Tiny rare fossil found in 16 million-year-old amber is ‘once-in-a-generation’ find

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Hidden in plain sight, the third tardigrade fossil on record has been found suspended within a 16-million-year-old piece of Dominican amber.

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The discovery includes a newly named species, Paradoriforibius chronocaribius, as a relative of the modern living family known as Isohypsibioidea. It is the first tardigrade fossil from our current geological era the Cenozoic which began 66 million years ago.

Under the microscope, tiny tardigrades look like water bears. Although they are commonly found in water — and occasionally, serving as nemesis in “Ant-Man and the Wasp” — tardigrades are known for their ability to survive and even survive. that grow even in the most extreme environments.

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These small, tufted animals are no more than a millimeter long. They have eight legs with claws at the end, a brain and central nervous system, and some suckers such as a pharynx at the back of their mouth that can pierce food. Tardigrades are the smallest known animal with legs.

All these details are incredibly well preserved in the new fossil specimen, down to its tiny claws.

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“The discovery of fossil tardigrades is truly a once-in-a-generation event,” study senior author and assistant professor of biology at the New Jersey Institute of Technology Phil Barden said in a statement.

“What is so remarkable is that the tardigrade is a ubiquitous ancient lineage that has seen it on Earth, from the fall of the dinosaurs to the rise of terrestrial colonization of plants,” Barden said. “Still, they are like a ghost lineage to paleontologists with almost no fossil record. Finding any tardigrade fossil remains is an exciting moment where we can see their progress through Earth’s history empirically. Huh.”

The fossil allowed researchers to see evolutionary aspects that are not present in modern tardigrades, meaning they could understand how they changed over millions of years.

At first, the researchers didn’t even notice that the tardigrade was trapped in a piece of amber.

This 16-million-year-old Dominican amber contains three ants, a beetle and a flower, along with a tardigrade fossil.

“It’s a faint speck in the amber,” Barden said. “In fact, Podo. Chronocaribius was originally an inclusion hidden in the corner of an amber piece our lab was studying with three different ant species, and it wasn’t seen for months.”

Close observational analysis helped researchers determine where the new species is on the tardigrade family tree.

“The fact that we had to rely on imaging techniques typically reserved for cellular and molecular biology demonstrates how challenging it is to study fossil tardigrades,” said co-authors of Fauna and Evolutionary Biology at Harvard University. and Assistant Professor Javier Ortega-Hernandez said. a statement. “We hope this work encourages collaborators to look more closely at their amber samples with similar techniques to better understand these cryptic organisms.”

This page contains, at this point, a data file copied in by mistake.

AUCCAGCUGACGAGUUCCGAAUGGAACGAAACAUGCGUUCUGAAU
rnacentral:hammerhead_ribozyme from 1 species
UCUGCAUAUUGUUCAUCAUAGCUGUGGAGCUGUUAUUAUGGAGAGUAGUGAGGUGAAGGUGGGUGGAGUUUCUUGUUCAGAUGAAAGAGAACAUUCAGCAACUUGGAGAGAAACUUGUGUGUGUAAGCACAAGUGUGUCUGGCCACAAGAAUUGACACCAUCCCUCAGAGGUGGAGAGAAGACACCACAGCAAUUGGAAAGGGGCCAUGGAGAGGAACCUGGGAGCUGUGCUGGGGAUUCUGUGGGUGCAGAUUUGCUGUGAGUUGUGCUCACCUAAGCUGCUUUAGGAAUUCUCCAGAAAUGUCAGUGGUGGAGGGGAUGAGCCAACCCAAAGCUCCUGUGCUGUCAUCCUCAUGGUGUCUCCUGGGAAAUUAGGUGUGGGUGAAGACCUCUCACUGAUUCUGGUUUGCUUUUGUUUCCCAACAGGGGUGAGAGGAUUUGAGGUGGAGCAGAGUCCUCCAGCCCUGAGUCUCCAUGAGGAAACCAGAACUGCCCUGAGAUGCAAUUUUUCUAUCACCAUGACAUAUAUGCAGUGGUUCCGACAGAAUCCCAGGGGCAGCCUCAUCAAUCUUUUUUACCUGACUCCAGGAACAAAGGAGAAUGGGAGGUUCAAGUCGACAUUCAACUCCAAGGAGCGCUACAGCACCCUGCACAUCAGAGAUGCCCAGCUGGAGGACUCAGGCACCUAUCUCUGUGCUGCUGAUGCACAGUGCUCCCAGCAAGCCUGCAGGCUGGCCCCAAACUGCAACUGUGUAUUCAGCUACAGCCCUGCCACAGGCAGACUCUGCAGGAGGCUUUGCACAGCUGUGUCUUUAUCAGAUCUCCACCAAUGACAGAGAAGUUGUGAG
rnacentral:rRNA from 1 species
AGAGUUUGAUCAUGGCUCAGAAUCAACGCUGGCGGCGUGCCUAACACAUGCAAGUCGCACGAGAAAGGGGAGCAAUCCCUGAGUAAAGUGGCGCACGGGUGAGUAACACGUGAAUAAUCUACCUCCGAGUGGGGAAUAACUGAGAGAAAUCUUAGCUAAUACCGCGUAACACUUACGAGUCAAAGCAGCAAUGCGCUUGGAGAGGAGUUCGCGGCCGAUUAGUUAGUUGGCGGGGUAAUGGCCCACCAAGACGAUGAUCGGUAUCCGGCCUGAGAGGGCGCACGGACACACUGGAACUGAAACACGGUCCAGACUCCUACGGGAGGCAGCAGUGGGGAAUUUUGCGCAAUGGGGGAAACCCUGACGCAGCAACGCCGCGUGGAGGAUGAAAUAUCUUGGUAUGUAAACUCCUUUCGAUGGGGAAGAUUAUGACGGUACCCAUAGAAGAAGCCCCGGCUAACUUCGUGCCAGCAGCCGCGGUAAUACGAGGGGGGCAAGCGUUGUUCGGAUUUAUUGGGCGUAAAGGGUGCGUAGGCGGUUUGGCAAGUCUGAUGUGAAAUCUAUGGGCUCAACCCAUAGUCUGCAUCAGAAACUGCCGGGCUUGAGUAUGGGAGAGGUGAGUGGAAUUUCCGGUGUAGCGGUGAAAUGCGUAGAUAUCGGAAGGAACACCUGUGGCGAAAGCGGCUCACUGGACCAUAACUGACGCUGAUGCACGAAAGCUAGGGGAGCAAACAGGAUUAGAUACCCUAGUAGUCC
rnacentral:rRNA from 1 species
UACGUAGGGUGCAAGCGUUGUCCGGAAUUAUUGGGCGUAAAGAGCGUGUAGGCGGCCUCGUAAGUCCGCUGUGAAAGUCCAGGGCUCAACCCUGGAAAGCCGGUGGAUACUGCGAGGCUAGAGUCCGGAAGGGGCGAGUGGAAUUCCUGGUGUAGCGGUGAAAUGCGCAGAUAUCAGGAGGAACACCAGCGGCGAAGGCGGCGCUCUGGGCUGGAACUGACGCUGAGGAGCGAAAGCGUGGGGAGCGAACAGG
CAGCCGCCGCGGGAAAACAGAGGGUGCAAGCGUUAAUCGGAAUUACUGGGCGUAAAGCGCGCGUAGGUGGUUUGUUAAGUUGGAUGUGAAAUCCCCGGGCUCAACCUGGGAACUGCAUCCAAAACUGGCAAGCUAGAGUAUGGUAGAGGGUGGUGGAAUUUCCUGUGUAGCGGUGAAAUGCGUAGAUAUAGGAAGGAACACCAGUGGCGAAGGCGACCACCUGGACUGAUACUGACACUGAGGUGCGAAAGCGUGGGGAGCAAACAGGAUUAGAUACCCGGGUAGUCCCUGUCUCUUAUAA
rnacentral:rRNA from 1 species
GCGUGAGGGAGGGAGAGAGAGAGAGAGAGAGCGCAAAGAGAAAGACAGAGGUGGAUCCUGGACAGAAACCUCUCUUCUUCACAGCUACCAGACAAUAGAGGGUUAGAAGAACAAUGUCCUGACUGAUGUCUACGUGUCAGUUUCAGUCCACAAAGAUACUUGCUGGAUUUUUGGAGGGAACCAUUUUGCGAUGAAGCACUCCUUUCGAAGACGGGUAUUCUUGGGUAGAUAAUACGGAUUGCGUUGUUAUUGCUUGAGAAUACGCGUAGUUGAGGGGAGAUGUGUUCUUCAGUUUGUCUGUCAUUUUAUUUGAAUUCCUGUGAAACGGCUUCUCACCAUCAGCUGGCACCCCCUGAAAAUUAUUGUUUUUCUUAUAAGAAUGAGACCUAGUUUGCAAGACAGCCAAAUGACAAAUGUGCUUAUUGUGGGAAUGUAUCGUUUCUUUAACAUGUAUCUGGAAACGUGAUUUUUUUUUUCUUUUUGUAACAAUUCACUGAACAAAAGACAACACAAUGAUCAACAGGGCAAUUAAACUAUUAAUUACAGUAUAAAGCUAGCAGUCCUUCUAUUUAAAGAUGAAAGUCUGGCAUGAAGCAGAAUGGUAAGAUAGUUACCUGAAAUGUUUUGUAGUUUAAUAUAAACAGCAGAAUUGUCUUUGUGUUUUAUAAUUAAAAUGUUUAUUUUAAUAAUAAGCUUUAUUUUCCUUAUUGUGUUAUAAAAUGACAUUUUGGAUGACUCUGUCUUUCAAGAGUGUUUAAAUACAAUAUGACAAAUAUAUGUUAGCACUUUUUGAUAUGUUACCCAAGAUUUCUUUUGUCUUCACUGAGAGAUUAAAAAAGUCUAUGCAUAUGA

The Microscopic Crater That Almost Anything Can Survive

The new species is the first definitive fossil for the modern Isohypsibioidea family of tardigrades found today in both marine and land environments.

“We’re just scratching the surface when it comes to understanding living tardigrade communities, especially in places like the Caribbean where they haven’t been surveyed,” Barden said. “This study provides a reminder that, with as little as we may have in the way of tardigrade fossils, we still know very little about the species living on our planet today.”

Tardigrades can tolerate extremes better than most forms of life – such as surviving five mass extinction events on Earth – and some recently traveled to the International Space Station. This isn’t the first time tardigrades have gone to space – and some of them may even have been on the Moon after a mission carrying them crashed on its surface.

Small animals are related to arthropods and have their deep origins during the Cambrian explosion, when several species of animals suddenly appeared in the Earth’s fossil record 541 million years ago. More tardigrade fossils may be hidden within other pieces of amber that have already been studied – researchers just have to look closely enough and have expertise in what they’re looking for when it comes to microfossils.

And tardigrades could outnumber humans. This is because they would be largely unaffected by things that could potentially cause destruction to Earth and human life in the future, such as asteroids, supernovae or gamma ray bursts. As long as the world’s oceans don’t boil, tardigrades will survive.

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Credit : www.cnn.com

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